About a half-hour into Jeremy Saulnier’s Green Room, where the cumulative details of pallor adolescents moshing in the least local of locals (a skinhead roadhouse/venue in rural Oregon) take shape, the sensory details signal a film that runs on some pretty heavy fuel. That is, of course, before the tempered siege of violence has reached a rolling boil; before the red laces, the snarling dogs, the microphone feedback, or, eventually, the shotguns. The series of calamities that prompt Green Room’s excesses in lacerating violence is realized less like the hardcore and punk tracks that ornate the film’s soundscape, and more like a symphony: a sonata-allegro opening, expelling necessary plot and character elements rapidly, paving the way to a thoughtful and carefully-orchestrated vision of sinister purpose.
Saulnier places his would-be heroes, a hardcore/punk band known as The Ain’t Rights, on the fringes. Traveling in a ramshackle van, the cadre – Pat (Anton Yelchin), Sam (Alia Shawkat), Reece (Joe Cole), and Tiger (Callum Turner) – are first seen passed out in a field, forced to siphon gas. Adhering to a rigid philosophy that minimizes their social media presence and highlights experiencing their live shows, the band’s stubborn deviance of modernity finds them playing infrequent and barren gigs. Defeated, the band accepts an invitation to play at a remote venue – “don’t get political” cites the mohawked promoter giving them the details – with the promise of a respectable payday.
As with Saulnier’s previous film, Blue Ruin, there’s a quiet acknowledgment on behalf of Green Room’s characters that suggests a passing familiarity with suffering. What I mean by this is that the characters in his films may live on the fringes, and more or less pay lip service to having endured the pangs of the quote unquote human condition, but the lesson in Saulnier’s two films have been that the pain and horror of existing hasn’t truly been tested. And as Green Room unfolds, where The Ain’t Rights come across a gruesome murder after their gig that forces them to fend off hordes of neo-Nazis (led by the subdued charisma of Patrick Stewart), it’s then that these characters confront pain and suffering in a capital T, True way.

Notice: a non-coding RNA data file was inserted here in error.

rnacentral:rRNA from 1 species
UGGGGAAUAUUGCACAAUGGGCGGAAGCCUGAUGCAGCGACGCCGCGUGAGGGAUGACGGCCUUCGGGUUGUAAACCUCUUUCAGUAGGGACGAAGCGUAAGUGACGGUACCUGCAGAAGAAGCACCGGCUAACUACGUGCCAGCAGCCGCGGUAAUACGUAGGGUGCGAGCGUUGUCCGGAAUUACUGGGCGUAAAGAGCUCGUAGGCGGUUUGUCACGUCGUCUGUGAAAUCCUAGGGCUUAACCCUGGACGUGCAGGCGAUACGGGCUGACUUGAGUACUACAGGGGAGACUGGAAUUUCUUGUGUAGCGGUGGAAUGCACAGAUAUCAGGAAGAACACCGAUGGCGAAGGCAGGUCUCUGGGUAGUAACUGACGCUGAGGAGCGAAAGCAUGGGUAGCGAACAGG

Tense and compact, Saulnier wisely paces Green Room as a series of negotiations before indulging in violence. From his characters hustling a gun out of the hands of the venue’s bouncer (Eric Edelstein) to utilizing information from third-party trapped in there with them (Imogeen Poots), Green Room is as much a series of arbitrations as it is an all-out war. But when Saulnier does submit to some of his more carnal tendencies, boy, does he know how to break his characters and, subsequently, his audience in inventive ways. Death is afforded gravity; shock is derived from not just from the grisliness of the action but the way in which Saulnier confronts it. It’s direct, it’s unaccommodating, and like the warzone that it alludes to, it occurs on both sides.
While the narrative spirit of John Carpenter’s Assault on Precinct 13 lingers most prominently in Green Room, it’s Saulnier’s direction, the components that at times registers as anti-Carpenter, that makes this such a compelling exercise. The primal score, a cacophony of punk music, provokes an instinctual dread compared to Carpenter’s more attention-grabbing synthetic compositions. And while Assault’s narrative sees faceless aggressors take siege on abandoned police station – a depleted reservoir of authority – the aggressors in Green Room are as dimensional as its heroes. In Patrick Stewart, Saulnier’s gambit is constructing a monster whose wrath possesses an air of sophisticated thought. If Assault was a statement on the capacity of capable professionals overcoming insurmountable odds against a faceless oppressor, than Green Room sees that oppressor as its dominant figure – a fully-formed beacon of sinister purpose attempting to squash whatever glimmers of humanism that comes from the naïve and youthful. It’s to Saulnier’s credit that his work registers as just as significant, timely, and powerful as Carpenter’s. Perhaps more so.